Riots broke out in the capital of Tadzhikistan during protests Monday against the resettlement of ethnic Armenian refugees in the Soviet Asian republic, official sources said.
One report said there were several deaths and dozens of injuries.
The official Tass news agency said a state of emergency and a nighttime curfew have been imposed on the city of Dushanbe to quell "mass disorders and pogroms and acts of arson and looting."
Musafar Madzhidov, correspondent for official radio and television in Dushanbe, said armored vehicles had been brought into the city center and that it was calm late Monday. He said an unknown number of people have been killed and more than 70 injured.
Rioting erupted after two rallies in a 24-hour period over rumors that Armenian refugees from bloody ethnic strife in the Caucasus region were being given preference for new housing, Madzhidov said in a telephone interview.
Members of the crowd shouted "Down with the Armenians!" he said.
Armenians, a predominantly Christian people, have been involved for the last two years in a bloody dispute with primarily Muslim Azerbaijanis over control of the Nagorno-Karabakh region of Azerbaijan.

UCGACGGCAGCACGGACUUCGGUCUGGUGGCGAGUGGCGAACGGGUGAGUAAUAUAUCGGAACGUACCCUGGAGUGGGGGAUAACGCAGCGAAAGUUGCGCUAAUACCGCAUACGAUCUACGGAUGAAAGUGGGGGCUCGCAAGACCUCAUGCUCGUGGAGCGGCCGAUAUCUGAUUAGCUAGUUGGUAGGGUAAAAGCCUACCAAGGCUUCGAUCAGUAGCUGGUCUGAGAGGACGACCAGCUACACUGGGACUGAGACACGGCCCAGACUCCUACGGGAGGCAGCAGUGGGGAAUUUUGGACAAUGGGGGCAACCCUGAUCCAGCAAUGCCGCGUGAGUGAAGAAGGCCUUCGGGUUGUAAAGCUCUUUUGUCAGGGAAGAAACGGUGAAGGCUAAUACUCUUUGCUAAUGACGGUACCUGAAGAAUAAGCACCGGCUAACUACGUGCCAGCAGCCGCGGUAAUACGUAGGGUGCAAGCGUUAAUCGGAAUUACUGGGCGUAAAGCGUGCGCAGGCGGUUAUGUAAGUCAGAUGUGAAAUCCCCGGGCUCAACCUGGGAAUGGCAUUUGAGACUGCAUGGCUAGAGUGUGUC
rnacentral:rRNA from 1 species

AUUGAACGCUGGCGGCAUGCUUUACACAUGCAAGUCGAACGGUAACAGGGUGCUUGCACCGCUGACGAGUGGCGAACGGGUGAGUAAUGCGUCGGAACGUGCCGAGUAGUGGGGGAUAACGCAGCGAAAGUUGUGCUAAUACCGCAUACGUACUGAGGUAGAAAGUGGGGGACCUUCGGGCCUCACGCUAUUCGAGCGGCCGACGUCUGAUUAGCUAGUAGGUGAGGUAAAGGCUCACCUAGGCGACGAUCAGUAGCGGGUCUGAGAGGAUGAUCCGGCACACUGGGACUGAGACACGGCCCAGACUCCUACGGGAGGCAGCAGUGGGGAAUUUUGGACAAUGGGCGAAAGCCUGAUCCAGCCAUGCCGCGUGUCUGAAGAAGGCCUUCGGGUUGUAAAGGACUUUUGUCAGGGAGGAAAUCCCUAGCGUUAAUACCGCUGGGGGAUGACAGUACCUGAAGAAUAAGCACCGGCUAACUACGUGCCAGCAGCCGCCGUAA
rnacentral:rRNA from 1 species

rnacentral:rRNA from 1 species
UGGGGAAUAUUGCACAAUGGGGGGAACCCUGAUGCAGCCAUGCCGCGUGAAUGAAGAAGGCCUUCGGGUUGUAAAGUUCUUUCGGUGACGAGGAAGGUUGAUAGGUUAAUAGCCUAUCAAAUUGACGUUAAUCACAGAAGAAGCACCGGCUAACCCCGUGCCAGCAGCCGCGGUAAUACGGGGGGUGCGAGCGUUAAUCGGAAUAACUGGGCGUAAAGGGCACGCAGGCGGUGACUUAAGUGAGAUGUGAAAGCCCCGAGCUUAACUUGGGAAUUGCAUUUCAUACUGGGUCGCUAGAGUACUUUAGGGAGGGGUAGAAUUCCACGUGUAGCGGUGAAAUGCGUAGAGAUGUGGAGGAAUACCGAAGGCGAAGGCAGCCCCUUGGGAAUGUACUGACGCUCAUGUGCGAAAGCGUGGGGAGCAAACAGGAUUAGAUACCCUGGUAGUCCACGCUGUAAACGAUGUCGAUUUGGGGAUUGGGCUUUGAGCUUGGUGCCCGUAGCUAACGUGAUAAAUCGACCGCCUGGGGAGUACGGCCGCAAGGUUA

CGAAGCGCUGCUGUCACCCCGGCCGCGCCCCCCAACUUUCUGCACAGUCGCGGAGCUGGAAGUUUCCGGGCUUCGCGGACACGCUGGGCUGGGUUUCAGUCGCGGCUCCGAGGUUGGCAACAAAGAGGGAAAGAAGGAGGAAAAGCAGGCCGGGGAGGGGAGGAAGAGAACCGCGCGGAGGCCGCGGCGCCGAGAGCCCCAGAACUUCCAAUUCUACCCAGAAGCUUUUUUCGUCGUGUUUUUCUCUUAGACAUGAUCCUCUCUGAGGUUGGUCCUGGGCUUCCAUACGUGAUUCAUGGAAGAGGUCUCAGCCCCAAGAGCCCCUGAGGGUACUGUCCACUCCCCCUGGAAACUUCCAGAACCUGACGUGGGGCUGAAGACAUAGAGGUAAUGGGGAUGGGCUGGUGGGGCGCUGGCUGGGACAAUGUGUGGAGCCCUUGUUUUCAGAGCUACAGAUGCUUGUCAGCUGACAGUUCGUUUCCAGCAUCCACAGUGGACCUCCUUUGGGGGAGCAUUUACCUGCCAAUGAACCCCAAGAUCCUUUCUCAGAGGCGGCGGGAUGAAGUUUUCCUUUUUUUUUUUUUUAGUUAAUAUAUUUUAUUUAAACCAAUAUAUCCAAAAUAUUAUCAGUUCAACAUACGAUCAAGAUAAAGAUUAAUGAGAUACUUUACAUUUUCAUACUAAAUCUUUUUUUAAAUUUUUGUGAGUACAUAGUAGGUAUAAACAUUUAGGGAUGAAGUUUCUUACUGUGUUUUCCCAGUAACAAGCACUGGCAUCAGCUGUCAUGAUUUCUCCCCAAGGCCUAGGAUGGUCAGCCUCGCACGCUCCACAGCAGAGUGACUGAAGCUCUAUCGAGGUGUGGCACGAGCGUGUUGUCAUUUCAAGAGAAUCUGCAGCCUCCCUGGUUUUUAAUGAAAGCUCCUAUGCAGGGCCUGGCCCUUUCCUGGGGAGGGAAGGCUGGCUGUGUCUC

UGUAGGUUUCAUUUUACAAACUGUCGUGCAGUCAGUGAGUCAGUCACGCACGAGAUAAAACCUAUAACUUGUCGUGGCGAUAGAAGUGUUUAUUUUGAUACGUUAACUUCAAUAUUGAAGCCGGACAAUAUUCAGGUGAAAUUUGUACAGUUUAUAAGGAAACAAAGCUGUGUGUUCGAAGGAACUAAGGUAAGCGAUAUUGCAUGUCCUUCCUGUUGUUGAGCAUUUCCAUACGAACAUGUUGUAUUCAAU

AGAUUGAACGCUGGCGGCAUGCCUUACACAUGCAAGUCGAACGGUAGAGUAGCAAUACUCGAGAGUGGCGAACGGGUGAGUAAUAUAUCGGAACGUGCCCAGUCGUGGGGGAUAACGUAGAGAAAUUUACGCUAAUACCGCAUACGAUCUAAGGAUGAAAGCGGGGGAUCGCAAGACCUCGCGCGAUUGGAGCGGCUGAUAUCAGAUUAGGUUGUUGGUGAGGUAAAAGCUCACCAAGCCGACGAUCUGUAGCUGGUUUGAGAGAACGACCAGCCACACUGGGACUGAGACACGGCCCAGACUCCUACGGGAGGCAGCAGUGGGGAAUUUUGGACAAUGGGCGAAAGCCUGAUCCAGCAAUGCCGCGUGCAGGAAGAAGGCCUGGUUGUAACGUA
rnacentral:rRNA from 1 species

More than 200 people have been killed in Armenia and Azerbaijan since Jan. 13, and President Mikhail S. Gorbachev was forced to send thousands of soldiers into the area to impose control.
But until Monday, there had been no reports that the trouble had spread to the predominantly Muslim republics of Soviet Central Asia such as Tadzhikistan.
The Tadzhikistan Communist Party leader, Kakhar Makhkamov, appeared before a crowd that gathered Sunday outside party headquarters in Dushanbe and asked for 24 hours to investigate the rumors, Madzhidov said.
Another crowd gathered on Monday but ignored his report that all but one Armenian refugee already had left Dushanbe, he said.
They pelted the party headquarters with stones, breaking all the windows, and then went on a rampage through shops located nearby, he said.
Police fired in the air to disperse the crowd, but the rioting continued until armored vehicles brought soldiers into the center of the city at about 10 p.m., when the curfew was imposed, Madzhidov said.